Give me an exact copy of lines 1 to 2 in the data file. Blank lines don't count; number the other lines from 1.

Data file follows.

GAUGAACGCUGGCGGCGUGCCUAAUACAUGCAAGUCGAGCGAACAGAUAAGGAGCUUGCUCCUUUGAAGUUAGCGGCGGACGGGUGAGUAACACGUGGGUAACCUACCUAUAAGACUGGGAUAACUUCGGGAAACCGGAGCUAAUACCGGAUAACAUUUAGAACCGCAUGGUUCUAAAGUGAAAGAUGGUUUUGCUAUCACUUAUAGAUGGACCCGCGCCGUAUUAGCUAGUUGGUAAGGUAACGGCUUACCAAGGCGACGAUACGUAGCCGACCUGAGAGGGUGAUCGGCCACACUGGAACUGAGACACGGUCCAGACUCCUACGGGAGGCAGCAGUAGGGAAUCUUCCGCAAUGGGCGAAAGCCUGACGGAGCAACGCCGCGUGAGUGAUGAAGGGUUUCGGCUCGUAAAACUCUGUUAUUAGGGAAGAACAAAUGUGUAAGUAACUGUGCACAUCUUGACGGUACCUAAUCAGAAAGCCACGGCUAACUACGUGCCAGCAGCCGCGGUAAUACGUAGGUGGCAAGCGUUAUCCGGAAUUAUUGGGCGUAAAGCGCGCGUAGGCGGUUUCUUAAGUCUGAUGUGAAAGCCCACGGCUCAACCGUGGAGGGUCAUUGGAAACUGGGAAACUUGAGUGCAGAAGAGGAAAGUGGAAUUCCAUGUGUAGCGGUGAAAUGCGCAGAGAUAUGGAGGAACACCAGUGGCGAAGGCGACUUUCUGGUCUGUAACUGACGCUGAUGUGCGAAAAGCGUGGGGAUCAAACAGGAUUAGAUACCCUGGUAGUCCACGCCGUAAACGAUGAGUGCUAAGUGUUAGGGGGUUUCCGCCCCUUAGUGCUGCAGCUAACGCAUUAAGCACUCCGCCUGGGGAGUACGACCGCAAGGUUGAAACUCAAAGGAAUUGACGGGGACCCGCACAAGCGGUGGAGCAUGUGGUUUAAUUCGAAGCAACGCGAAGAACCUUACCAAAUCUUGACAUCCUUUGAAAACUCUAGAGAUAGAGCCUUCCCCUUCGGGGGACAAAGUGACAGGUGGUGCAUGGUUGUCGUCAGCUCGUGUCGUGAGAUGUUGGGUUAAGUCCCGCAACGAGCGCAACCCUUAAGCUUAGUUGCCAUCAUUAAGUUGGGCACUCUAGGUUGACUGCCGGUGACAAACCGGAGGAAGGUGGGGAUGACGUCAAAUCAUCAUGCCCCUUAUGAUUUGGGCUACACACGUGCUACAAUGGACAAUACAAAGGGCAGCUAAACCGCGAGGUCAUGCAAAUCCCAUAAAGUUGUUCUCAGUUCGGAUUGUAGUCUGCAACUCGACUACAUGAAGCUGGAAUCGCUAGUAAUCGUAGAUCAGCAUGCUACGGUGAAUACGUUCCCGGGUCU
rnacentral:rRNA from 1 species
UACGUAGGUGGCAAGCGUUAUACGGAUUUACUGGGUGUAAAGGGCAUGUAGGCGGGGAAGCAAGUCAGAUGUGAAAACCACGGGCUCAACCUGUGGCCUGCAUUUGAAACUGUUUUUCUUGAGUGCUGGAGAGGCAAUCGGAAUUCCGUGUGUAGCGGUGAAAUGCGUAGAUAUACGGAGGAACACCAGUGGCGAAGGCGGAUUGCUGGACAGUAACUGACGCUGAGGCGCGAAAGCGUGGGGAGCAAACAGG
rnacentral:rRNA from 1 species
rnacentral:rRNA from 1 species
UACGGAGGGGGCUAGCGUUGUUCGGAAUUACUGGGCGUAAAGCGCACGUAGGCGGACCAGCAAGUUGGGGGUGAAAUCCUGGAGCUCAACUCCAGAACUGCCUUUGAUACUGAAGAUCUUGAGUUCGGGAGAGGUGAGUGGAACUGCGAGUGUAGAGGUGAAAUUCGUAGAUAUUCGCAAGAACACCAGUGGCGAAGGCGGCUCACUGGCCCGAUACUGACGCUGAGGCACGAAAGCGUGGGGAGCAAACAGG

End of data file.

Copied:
GAUGAACGCUGGCGGCGUGCCUAAUACAUGCAAGUCGAGCGAACAGAUAAGGAGCUUGCUCCUUUGAAGUUAGCGGCGGACGGGUGAGUAACACGUGGGUAACCUACCUAUAAGACUGGGAUAACUUCGGGAAACCGGAGCUAAUACCGGAUAACAUUUAGAACCGCAUGGUUCUAAAGUGAAAGAUGGUUUUGCUAUCACUUAUAGAUGGACCCGCGCCGUAUUAGCUAGUUGGUAAGGUAACGGCUUACCAAGGCGACGAUACGUAGCCGACCUGAGAGGGUGAUCGGCCACACUGGAACUGAGACACGGUCCAGACUCCUACGGGAGGCAGCAGUAGGGAAUCUUCCGCAAUGGGCGAAAGCCUGACGGAGCAACGCCGCGUGAGUGAUGAAGGGUUUCGGCUCGUAAAACUCUGUUAUUAGGGAAGAACAAAUGUGUAAGUAACUGUGCACAUCUUGACGGUACCUAAUCAGAAAGCCACGGCUAACUACGUGCCAGCAGCCGCGGUAAUACGUAGGUGGCAAGCGUUAUCCGGAAUUAUUGGGCGUAAAGCGCGCGUAGGCGGUUUCUUAAGUCUGAUGUGAAAGCCCACGGCUCAACCGUGGAGGGUCAUUGGAAACUGGGAAACUUGAGUGCAGAAGAGGAAAGUGGAAUUCCAUGUGUAGCGGUGAAAUGCGCAGAGAUAUGGAGGAACACCAGUGGCGAAGGCGACUUUCUGGUCUGUAACUGACGCUGAUGUGCGAAAAGCGUGGGGAUCAAACAGGAUUAGAUACCCUGGUAGUCCACGCCGUAAACGAUGAGUGCUAAGUGUUAGGGGGUUUCCGCCCCUUAGUGCUGCAGCUAACGCAUUAAGCACUCCGCCUGGGGAGUACGACCGCAAGGUUGAAACUCAAAGGAAUUGACGGGGACCCGCACAAGCGGUGGAGCAUGUGGUUUAAUUCGAAGCAACGCGAAGAACCUUACCAAAUCUUGACAUCCUUUGAAAACUCUAGAGAUAGAGCCUUCCCCUUCGGGGGACAAAGUGACAGGUGGUGCAUGGUUGUCGUCAGCUCGUGUCGUGAGAUGUUGGGUUAAGUCCCGCAACGAGCGCAACCCUUAAGCUUAGUUGCCAUCAUUAAGUUGGGCACUCUAGGUUGACUGCCGGUGACAAACCGGAGGAAGGUGGGGAUGACGUCAAAUCAUCAUGCCCCUUAUGAUUUGGGCUACACACGUGCUACAAUGGACAAUACAAAGGGCAGCUAAACCGCGAGGUCAUGCAAAUCCCAUAAAGUUGUUCUCAGUUCGGAUUGUAGUCUGCAACUCGACUACAUGAAGCUGGAAUCGCUAGUAAUCGUAGAUCAGCAUGCUACGGUGAAUACGUUCCCGGGUCU
rnacentral:rRNA from 1 species